with Debian you use apt-get.

for me apt-get is MUCH faster then YUM, but i have used both systems for server and desktop and hands down server wise CentOS is the way to go. for desktop pick your poison as none are really better then the other as in the end they are ALL Linux and it is just a matter of choice.

i am currently using Sabayon Linux:

http://sabayonlinux.org/

as i like the OOB experience were things just WORK on my workstation.

enjoy.


Thanks for response. Currently I try to learn linux. In the future
if I succeed in this, I will try to learn how to build and
administer a linux server. As I said, linux seems very difficult
to me now. I have tried to install some software like yum,
wine, plug-ins for my firefox/mozilla brouser but failed
almost everywhere - I posted separate threads where I describe my problems. It seems, I was able to install yum on RHEL 4 linux
successfully after puting huuuuuge efforts and that's about it.
I have been struggling with "wine" and pluging for quite a time
with no result. Please do not get me wrong - but it takes me seconds in
windows to solve similar tasks and indefinite time in linux.
That's why I started to look for an alternative linux distribution.
Someone told me that Ubuntu is much more user-friendly than RHEL.

Thanks
 
Old 12-20-2007, 06:48 PM   #5
chrism01
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Registered: Aug 2004
Location: Sydney
Distribution: Centos 6.8, Centos 5.10
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Here are some good reads:

http://linux.oneandoneis2.org/LNW.htm (Comparison of Linux vs Windows)
http://rute.2038bug.com/index.html.gz (Excellent Linus tutorial/ref online book)
http://www.tldp.org/LDP/abs/html/ (Bash aka cmd line programming)

For a new-to-Linux user, the Ubuntu range is often recommended.
RHE / Centos is more industrial oriented. May be a bit heavy for you to start with.
RH also produces the Fedora series, which may be more to your liking.
 
Old 12-20-2007, 06:59 PM   #6
billymayday
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Registered: Mar 2006
Location: Sydney, Australia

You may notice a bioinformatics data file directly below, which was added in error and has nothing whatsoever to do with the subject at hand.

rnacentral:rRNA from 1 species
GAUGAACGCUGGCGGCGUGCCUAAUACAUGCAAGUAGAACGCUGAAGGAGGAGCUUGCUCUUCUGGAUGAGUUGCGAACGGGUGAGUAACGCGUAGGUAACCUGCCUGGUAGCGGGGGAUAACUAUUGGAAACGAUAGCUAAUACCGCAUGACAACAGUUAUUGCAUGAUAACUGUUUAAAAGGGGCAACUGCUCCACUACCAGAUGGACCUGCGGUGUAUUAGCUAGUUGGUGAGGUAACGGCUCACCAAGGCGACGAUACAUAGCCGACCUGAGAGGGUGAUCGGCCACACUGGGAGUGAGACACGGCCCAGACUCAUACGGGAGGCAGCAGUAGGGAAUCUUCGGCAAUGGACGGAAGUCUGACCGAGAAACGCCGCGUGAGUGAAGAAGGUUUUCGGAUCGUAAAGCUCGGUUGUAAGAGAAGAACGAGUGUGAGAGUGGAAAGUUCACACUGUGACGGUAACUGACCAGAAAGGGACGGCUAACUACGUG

Distribution: Fedora, CentOS, OpenSuse, Slack, Gentoo, Debian, Arch, PCBSD
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I've used RH, CentOS, Fedora an Ubuntu (amongst others), and to be perfectly honest, I can't see why people describe Ubuntu as abny easier to use than the RH derivatives. Aside from the installation being a bit simpler (read that as less flexible), once it's up and running, the operation is very similar.

I'f you've done the installation of RH and have played with it a bit, you'll be gong backwards (maybe only a little bit) by changing to any different distro
 
Old 12-20-2007, 07:08 PM   #7
AceofSpades19
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Registered: Feb 2007
Location: Chilliwack,BC.Canada
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I would try a bunch of distros and see which one you think is the most user-friendly
 
Old 12-20-2007, 08:31 PM   #8
ncsuapex
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Registered: Dec 2004
Location: Raleigh, NC
Distribution: CentOS 2.6.18-53.1.4.el5
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Learning linux is like driving in a new town. You'll get lost anytime you try to go somewhere... Eventually you'll get lost in every direction a few times and then one day BAM. It all clicks and you'll start to be able to go places without getting lost.

Be patient. Take good notes and keep linuxquestions.org handy at all times! As well as www.google.com/linux
 
Old 12-20-2007, 08:59 PM   #9
dasy2k1
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Registered: Oct 2005
Location: 127.0.0.1
Distribution: Ubuntu 12.04 X86_64
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i would say that buntu is easiest with a desktop configuaration
(so far its the only distro that has detected my wifi card and automaticlly got it working)
yes i can download and compile the driver for any other distro but then i have to recompile the fscking kernel modules every time a new kernel relece comes out (wich with most distros ATM seems to be allmost every month...)


for a server enviroment RHEL (and its derivs (centOS and white flag )) are probabbly better,

if you want the best of both worlds check out opensuse... not quite as easy as buntu to set up but once its running it is one of teh easiest and smoothist to use (would defintly choose for a server/workstation multi user enviroment where the adverage user just needs to use the thing without knowing how it works!)